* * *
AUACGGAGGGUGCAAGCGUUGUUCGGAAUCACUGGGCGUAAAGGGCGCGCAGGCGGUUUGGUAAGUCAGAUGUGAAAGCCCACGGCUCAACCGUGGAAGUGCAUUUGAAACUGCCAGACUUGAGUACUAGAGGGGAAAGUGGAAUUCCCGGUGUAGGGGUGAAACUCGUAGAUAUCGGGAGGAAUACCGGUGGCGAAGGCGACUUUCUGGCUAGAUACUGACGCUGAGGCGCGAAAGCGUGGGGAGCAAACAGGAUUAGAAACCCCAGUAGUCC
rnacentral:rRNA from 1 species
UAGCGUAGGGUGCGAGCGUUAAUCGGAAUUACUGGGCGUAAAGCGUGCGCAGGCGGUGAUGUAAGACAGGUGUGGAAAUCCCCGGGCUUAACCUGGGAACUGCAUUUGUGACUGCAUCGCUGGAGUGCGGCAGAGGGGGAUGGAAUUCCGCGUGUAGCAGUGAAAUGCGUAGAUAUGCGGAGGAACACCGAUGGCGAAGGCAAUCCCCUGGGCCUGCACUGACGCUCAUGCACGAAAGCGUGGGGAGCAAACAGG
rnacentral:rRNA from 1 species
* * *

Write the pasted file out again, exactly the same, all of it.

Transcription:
AUACGGAGGGUGCAAGCGUUGUUCGGAAUCACUGGGCGUAAAGGGCGCGCAGGCGGUUUGGUAAGUCAGAUGUGAAAGCCCACGGCUCAACCGUGGAAGUGCAUUUGAAACUGCCAGACUUGAGUACUAGAGGGGAAAGUGGAAUUCCCGGUGUAGGGGUGAAACUCGUAGAUAUCGGGAGGAAUACCGGUGGCGAAGGCGACUUUCUGGCUAGAUACUGACGCUGAGGCGCGAAAGCGUGGGGAGCAAACAGGAUUAGAAACCCCAGUAGUCC
rnacentral:rRNA from 1 species
UAGCGUAGGGUGCGAGCGUUAAUCGGAAUUACUGGGCGUAAAGCGUGCGCAGGCGGUGAUGUAAGACAGGUGUGGAAAUCCCCGGGCUUAACCUGGGAACUGCAUUUGUGACUGCAUCGCUGGAGUGCGGCAGAGGGGGAUGGAAUUCCGCGUGUAGCAGUGAAAUGCGUAGAUAUGCGGAGGAACACCGAUGGCGAAGGCAAUCCCCUGGGCCUGCACUGACGCUCAUGCACGAAAGCGUGGGGAGCAAACAGG
rnacentral:rRNA from 1 species